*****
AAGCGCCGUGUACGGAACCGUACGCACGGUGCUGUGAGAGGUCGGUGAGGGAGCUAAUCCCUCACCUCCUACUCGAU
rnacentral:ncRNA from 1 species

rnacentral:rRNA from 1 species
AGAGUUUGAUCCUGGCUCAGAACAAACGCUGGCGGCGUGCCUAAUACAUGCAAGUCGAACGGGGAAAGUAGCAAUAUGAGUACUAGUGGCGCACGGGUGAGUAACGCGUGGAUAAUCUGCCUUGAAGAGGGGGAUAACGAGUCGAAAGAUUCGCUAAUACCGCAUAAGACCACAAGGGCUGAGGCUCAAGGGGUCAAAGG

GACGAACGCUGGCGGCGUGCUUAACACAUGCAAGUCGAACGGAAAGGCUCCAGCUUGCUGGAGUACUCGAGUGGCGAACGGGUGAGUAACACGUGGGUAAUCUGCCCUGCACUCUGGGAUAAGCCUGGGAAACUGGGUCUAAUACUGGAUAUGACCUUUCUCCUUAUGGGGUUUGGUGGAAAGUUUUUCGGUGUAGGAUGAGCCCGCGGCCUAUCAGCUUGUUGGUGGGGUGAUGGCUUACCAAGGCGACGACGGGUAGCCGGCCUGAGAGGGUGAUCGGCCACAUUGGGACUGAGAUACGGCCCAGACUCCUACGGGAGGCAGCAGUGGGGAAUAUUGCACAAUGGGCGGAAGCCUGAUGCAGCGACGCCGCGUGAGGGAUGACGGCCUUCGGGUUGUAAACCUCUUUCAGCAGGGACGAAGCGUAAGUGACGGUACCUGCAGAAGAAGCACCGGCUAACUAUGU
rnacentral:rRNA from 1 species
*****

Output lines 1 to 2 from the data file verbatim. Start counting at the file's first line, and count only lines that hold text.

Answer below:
AAGCGCCGUGUACGGAACCGUACGCACGGUGCUGUGAGAGGUCGGUGAGGGAGCUAAUCCCUCACCUCCUACUCGAU
rnacentral:ncRNA from 1 species